Now that we have a good handle on how various types of packaging moves through a MRF, we can use the information to help boost recycling rates. There is certainly opportunity for improved recovery, and optimization can occur across the value chain- from packaging design to sortation technology. In addition, packaging is always evolving, becoming more diverse and lightweight. The Materials Flow study is a necessary first step in ensuring we recover the value of all packaging. Check out the Study Infographic for a look at the key conclusions.


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Package Design with Recyclability in Mind

Kara Pochiro

One of the biggest challenges facing plastic recyclers are containers that come through the stream that may have a negative impact on recycling. Both recyclers and product manufacturers often do not realize the implications of new products, until they have been brought to market, made it through the collection process, and contaminate the recycling stream. Certain types of labels, inks, closures, adhesives are just a few examples of packaging design features that can adversely impact recyclability, or simply cause an otherwise perfectly recyclable container to be landfilled rather than recycled. Either alternative leads to a yield loss for recyclers that are always looking for good, clean material.

cropped adCommunication is an integral part of that challenge. How can we shift the recognition process from the end of the line to the beginning of the design development stage?  How can recyclers communicate with container manufacturers and consumer brand companies about the importance of designing packaging with recyclability in mind? The Association of Postconsumer Plastic Recyclers (APR), the trade association representing the plastics recycling industry in North America, is working to provide answers to those questions.  APR firmly believes that companies want to design packaging that is recyclable and sustainable, and has developed a variety of tools and programs to aid them along the way.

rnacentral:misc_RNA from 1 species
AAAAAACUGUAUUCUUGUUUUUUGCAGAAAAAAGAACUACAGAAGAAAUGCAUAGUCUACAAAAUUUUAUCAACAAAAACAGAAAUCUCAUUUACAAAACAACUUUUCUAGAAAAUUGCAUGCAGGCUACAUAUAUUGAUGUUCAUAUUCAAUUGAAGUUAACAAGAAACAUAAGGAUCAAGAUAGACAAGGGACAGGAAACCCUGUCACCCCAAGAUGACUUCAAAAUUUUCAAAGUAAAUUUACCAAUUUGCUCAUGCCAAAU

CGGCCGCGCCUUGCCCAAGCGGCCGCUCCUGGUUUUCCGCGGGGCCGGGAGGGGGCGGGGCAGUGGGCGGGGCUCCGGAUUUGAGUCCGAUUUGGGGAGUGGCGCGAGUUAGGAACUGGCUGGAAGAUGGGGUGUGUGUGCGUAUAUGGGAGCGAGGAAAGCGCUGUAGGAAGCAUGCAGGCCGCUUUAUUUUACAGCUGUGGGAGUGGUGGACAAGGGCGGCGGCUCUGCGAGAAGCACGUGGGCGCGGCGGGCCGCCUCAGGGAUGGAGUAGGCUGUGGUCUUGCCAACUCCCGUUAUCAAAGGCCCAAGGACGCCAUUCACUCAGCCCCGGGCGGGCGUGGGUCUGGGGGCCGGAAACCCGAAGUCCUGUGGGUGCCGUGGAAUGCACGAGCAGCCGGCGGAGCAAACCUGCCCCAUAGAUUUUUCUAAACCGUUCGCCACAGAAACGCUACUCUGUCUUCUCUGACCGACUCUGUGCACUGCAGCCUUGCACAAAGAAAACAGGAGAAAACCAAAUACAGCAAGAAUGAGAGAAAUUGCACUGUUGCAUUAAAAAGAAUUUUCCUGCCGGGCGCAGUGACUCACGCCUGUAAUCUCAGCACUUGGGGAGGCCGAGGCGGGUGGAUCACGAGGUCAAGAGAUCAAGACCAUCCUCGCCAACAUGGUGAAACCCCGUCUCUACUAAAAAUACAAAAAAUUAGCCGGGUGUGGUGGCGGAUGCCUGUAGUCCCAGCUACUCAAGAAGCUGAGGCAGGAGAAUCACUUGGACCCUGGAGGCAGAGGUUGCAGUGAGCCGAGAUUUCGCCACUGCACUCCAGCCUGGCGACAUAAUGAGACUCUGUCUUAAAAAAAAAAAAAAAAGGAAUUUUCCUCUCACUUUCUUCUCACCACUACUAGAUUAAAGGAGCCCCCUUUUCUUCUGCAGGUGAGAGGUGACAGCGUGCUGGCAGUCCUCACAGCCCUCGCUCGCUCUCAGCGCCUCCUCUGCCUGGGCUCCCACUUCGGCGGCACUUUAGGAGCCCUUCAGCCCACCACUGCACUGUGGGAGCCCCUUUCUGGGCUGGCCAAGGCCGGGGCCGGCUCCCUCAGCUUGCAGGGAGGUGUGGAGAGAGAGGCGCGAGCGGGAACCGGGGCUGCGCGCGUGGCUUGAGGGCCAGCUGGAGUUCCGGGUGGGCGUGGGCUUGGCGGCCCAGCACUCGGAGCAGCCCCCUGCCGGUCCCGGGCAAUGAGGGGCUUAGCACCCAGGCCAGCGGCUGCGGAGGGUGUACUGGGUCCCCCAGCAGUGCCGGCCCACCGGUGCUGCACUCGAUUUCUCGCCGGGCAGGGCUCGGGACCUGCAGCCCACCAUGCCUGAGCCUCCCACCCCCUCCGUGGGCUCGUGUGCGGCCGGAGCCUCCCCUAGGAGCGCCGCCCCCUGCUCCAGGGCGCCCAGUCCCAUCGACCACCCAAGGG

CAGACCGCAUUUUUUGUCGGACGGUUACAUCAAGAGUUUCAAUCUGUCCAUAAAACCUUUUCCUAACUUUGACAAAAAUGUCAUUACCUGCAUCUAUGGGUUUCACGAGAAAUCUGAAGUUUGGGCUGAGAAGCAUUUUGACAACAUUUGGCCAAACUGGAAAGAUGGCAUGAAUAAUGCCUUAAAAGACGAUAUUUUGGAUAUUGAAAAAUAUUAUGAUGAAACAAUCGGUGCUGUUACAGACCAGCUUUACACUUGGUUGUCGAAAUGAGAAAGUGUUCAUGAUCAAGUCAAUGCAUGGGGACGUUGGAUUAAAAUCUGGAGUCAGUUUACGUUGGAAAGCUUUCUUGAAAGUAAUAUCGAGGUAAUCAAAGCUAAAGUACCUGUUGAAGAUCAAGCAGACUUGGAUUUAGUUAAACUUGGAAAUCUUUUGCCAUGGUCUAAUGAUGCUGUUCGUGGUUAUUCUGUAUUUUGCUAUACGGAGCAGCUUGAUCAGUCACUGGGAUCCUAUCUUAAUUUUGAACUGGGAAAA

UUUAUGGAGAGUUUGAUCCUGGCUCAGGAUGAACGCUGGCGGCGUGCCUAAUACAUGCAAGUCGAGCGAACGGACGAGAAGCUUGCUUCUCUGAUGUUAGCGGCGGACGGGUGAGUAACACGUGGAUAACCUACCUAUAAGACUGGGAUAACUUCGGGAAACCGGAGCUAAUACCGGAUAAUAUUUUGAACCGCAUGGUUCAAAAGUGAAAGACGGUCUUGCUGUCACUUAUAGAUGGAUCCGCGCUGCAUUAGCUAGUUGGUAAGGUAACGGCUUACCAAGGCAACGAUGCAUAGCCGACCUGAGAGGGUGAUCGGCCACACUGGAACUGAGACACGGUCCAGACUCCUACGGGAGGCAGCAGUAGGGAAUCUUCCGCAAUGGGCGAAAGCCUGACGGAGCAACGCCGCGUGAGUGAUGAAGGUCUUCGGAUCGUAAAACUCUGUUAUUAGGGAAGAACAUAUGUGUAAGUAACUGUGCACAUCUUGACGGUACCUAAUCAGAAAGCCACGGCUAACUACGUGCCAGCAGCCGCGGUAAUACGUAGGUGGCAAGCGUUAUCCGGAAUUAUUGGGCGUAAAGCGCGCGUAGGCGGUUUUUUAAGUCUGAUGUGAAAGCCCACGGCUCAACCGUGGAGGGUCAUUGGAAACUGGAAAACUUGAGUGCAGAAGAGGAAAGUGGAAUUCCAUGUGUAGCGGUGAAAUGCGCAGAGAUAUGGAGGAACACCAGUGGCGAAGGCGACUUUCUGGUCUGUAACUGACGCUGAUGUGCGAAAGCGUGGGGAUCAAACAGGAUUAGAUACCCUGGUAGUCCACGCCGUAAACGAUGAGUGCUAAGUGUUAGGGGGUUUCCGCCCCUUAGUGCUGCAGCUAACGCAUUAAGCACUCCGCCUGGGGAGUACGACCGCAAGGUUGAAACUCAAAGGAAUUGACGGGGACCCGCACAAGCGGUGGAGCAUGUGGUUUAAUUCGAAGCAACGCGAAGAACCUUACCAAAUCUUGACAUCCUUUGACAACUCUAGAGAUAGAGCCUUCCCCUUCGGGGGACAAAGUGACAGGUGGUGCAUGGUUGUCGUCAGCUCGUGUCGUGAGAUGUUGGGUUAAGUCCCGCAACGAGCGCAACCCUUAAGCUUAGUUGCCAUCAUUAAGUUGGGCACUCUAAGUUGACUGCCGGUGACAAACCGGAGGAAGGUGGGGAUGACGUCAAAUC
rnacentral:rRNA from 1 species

The APR DesignTM Guide for Plastics Recyclability is a technical document that details the potential for well-designed packaging to be reused and remanufactured into new products and enhances the economic viability of plastic recycling. It was developed for packaging designers and engineers.  The Executive Summary helps to ensure brand managers, sustainability and marketing managers, as well as other decision makers gain a basic understanding of the impact of packaging design on recycling. It can also serve as a quick reference tool for packaging designers and engineers.  Ultimately, we want all packaging professionals to have the APR website as a link on their desktops, so during the first stages of new product development, they can immediately determine if it aligns with current recycling technology.  This would be a huge step forward for recyclers.